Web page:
Robert Pilot
(1898-1967)

Robert Pilot is best known for atmospheric winter scenes of Canadian village and urban life painted in the Impressionist style. Born in St. John’s, Newfoundland, he worked as a child in the Montreal studio of his stepfather, Maurice Cullen, an important Canadian painter. In 1916, he enlisted in the Canadian military and fought in the Fifth Artillery Division during the First World War. After the war he travelled to Paris where he studied art and began exhibiting his work. He re-enlisted in the Canadian armed forces in 1941; promoted to officer during the Italian Campaign, his military contributions were recognized when he was made a Member of the Order of the British Empire and awarded the Queen Elizabeth II Coronation Medal. A member of the Royal Canadian Academy of Arts, he served as its president from 1952 to 1954. The Montreal Museum of Fine Arts held a career retrospective of Pilot’s work in 1969. His paintings are held in the permanent collection of the National Gallery of Canada as well as many other important collections.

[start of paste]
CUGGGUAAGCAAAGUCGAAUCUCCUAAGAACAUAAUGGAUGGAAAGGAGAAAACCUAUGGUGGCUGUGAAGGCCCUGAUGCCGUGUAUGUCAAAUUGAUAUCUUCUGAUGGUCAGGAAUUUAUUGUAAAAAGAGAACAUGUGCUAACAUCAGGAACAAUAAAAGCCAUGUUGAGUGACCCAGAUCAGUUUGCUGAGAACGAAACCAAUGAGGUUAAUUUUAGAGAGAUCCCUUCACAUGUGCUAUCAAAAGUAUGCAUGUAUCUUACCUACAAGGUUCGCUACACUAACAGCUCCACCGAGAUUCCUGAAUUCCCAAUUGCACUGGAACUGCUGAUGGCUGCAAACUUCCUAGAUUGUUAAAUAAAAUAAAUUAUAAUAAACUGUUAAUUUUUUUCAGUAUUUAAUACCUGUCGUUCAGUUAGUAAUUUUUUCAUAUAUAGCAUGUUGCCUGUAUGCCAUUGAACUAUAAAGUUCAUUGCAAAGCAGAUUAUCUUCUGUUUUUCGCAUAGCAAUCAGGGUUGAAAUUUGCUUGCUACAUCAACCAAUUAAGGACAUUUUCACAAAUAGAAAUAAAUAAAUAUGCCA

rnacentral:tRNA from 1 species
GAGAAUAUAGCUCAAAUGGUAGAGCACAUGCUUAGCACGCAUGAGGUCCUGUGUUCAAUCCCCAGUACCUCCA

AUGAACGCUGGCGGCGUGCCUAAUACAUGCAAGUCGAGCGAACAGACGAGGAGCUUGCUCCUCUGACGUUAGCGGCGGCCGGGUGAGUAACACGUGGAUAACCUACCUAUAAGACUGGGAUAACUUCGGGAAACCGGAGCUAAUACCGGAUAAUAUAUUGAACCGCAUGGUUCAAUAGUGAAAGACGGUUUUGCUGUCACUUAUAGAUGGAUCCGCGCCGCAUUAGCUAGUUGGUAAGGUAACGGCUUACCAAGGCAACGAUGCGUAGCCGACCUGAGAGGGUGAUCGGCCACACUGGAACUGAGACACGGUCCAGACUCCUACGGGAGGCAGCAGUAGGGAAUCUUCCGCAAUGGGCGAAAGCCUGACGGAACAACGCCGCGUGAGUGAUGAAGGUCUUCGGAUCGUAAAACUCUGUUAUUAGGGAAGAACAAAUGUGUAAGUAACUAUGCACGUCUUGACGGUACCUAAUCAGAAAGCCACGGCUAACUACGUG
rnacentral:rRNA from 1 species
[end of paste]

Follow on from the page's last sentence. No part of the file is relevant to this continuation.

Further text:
Though included in the first exhibition of paintings by the Group of Seven in 1920 and invited to be a member, Robert Pilot was one of three artists who declined to join the group upon its formation. As can be seen in ”Skating, Dufferin Terrace” (1947-1953), the only work he contributed to the Sampson-Matthews silkscreen art program, Pilot shared many stylistic similarities with the Group of Seven artists, if not their fascination with the untouched wilderness. Built by Lord Dufferin, the Governor of Canada from 1872 to 1878, Dufferin Terrace overlooks the St. Lawrence River beside the Château Frontenac and offers tourists to Quebec City one of the most popular attractions. In this work, Pilot captures a timeless and joyous winter afternoon of Canadian-style recreation.

Artwork for sale by Robert Pilot